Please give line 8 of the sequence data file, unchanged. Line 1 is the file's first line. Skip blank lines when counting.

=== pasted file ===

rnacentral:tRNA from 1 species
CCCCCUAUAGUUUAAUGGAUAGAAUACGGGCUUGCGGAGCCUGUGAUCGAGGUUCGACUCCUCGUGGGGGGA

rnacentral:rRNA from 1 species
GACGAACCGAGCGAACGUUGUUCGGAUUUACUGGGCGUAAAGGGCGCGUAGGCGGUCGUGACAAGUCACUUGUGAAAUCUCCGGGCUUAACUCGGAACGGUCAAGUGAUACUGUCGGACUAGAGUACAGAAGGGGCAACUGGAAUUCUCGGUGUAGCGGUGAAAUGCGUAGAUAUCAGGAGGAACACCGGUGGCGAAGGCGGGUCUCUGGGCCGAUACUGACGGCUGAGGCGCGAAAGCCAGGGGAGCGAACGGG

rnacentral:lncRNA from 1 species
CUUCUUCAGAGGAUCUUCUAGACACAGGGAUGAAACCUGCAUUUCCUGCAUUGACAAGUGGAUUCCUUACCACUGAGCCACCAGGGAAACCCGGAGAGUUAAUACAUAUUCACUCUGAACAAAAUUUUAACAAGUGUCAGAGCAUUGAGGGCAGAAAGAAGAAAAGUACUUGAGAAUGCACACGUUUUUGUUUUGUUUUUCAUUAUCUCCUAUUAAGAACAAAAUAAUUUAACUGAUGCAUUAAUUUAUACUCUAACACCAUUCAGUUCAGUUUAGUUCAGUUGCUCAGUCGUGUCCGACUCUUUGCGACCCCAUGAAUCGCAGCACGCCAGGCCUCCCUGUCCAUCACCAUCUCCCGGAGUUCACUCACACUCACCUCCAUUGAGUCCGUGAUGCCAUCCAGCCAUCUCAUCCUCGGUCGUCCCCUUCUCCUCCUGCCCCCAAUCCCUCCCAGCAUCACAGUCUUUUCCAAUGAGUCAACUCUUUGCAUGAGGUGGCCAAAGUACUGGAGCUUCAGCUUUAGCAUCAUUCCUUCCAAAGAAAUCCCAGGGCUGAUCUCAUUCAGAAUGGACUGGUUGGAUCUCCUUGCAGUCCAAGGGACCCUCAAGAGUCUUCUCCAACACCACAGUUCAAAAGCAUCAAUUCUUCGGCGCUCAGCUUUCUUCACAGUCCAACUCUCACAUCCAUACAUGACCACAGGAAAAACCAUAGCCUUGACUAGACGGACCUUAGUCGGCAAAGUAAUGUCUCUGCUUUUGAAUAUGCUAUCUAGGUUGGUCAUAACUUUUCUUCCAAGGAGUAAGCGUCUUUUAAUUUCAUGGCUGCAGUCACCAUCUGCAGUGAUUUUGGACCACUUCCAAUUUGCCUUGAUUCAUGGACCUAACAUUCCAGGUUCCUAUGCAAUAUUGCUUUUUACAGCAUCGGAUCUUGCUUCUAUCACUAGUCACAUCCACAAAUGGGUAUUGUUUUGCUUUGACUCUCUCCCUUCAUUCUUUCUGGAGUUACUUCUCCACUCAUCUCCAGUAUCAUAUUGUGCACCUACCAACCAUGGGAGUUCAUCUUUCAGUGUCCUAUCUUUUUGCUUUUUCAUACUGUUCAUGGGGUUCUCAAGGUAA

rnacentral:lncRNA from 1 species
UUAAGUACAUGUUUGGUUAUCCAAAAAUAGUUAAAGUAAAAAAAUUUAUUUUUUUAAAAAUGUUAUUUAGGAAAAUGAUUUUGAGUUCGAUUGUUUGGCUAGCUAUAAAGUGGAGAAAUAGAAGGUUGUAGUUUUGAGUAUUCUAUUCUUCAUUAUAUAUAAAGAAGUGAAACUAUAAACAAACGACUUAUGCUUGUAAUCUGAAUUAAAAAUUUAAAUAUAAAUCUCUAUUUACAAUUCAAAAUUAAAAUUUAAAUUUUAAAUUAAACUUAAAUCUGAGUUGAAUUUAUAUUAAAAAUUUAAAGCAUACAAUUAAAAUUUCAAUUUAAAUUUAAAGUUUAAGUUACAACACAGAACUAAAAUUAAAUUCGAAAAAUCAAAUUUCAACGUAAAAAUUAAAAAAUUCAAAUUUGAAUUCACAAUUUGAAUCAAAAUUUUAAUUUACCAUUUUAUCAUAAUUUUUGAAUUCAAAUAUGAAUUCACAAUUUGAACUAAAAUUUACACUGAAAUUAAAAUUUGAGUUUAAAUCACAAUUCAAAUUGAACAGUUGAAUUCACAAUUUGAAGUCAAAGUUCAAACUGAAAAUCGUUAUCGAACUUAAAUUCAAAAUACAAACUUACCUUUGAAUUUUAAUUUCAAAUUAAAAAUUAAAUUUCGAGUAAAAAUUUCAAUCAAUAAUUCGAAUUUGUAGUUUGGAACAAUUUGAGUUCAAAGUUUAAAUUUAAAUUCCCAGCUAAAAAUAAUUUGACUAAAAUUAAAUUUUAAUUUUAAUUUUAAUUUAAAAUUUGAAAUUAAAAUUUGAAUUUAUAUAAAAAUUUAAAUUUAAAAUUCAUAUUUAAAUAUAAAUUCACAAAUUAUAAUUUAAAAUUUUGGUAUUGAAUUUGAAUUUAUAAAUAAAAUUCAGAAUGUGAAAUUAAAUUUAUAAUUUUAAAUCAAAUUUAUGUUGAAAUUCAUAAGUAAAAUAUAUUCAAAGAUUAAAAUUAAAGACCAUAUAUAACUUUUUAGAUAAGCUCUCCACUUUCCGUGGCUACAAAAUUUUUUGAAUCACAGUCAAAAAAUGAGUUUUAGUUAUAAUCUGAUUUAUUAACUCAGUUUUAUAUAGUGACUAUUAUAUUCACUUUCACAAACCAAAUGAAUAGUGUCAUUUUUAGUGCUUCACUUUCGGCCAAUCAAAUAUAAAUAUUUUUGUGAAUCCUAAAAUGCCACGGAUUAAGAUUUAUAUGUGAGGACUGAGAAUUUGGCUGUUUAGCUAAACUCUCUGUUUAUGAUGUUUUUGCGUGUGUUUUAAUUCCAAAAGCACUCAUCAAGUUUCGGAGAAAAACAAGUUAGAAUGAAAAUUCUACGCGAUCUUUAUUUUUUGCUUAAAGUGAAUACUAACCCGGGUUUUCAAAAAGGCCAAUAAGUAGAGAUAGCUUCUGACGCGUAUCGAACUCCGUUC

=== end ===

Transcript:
UUAAGUACAUGUUUGGUUAUCCAAAAAUAGUUAAAGUAAAAAAAUUUAUUUUUUUAAAAAUGUUAUUUAGGAAAAUGAUUUUGAGUUCGAUUGUUUGGCUAGCUAUAAAGUGGAGAAAUAGAAGGUUGUAGUUUUGAGUAUUCUAUUCUUCAUUAUAUAUAAAGAAGUGAAACUAUAAACAAACGACUUAUGCUUGUAAUCUGAAUUAAAAAUUUAAAUAUAAAUCUCUAUUUACAAUUCAAAAUUAAAAUUUAAAUUUUAAAUUAAACUUAAAUCUGAGUUGAAUUUAUAUUAAAAAUUUAAAGCAUACAAUUAAAAUUUCAAUUUAAAUUUAAAGUUUAAGUUACAACACAGAACUAAAAUUAAAUUCGAAAAAUCAAAUUUCAACGUAAAAAUUAAAAAAUUCAAAUUUGAAUUCACAAUUUGAAUCAAAAUUUUAAUUUACCAUUUUAUCAUAAUUUUUGAAUUCAAAUAUGAAUUCACAAUUUGAACUAAAAUUUACACUGAAAUUAAAAUUUGAGUUUAAAUCACAAUUCAAAUUGAACAGUUGAAUUCACAAUUUGAAGUCAAAGUUCAAACUGAAAAUCGUUAUCGAACUUAAAUUCAAAAUACAAACUUACCUUUGAAUUUUAAUUUCAAAUUAAAAAUUAAAUUUCGAGUAAAAAUUUCAAUCAAUAAUUCGAAUUUGUAGUUUGGAACAAUUUGAGUUCAAAGUUUAAAUUUAAAUUCCCAGCUAAAAAUAAUUUGACUAAAAUUAAAUUUUAAUUUUAAUUUUAAUUUAAAAUUUGAAAUUAAAAUUUGAAUUUAUAUAAAAAUUUAAAUUUAAAAUUCAUAUUUAAAUAUAAAUUCACAAAUUAUAAUUUAAAAUUUUGGUAUUGAAUUUGAAUUUAUAAAUAAAAUUCAGAAUGUGAAAUUAAAUUUAUAAUUUUAAAUCAAAUUUAUGUUGAAAUUCAUAAGUAAAAUAUAUUCAAAGAUUAAAAUUAAAGACCAUAUAUAACUUUUUAGAUAAGCUCUCCACUUUCCGUGGCUACAAAAUUUUUUGAAUCACAGUCAAAAAAUGAGUUUUAGUUAUAAUCUGAUUUAUUAACUCAGUUUUAUAUAGUGACUAUUAUAUUCACUUUCACAAACCAAAUGAAUAGUGUCAUUUUUAGUGCUUCACUUUCGGCCAAUCAAAUAUAAAUAUUUUUGUGAAUCCUAAAAUGCCACGGAUUAAGAUUUAUAUGUGAGGACUGAGAAUUUGGCUGUUUAGCUAAACUCUCUGUUUAUGAUGUUUUUGCGUGUGUUUUAAUUCCAAAAGCACUCAUCAAGUUUCGGAGAAAAACAAGUUAGAAUGAAAAUUCUACGCGAUCUUUAUUUUUUGCUUAAAGUGAAUACUAACCCGGGUUUUCAAAAAGGCCAAUAAGUAGAGAUAGCUUCUGACGCGUAUCGAACUCCGUUC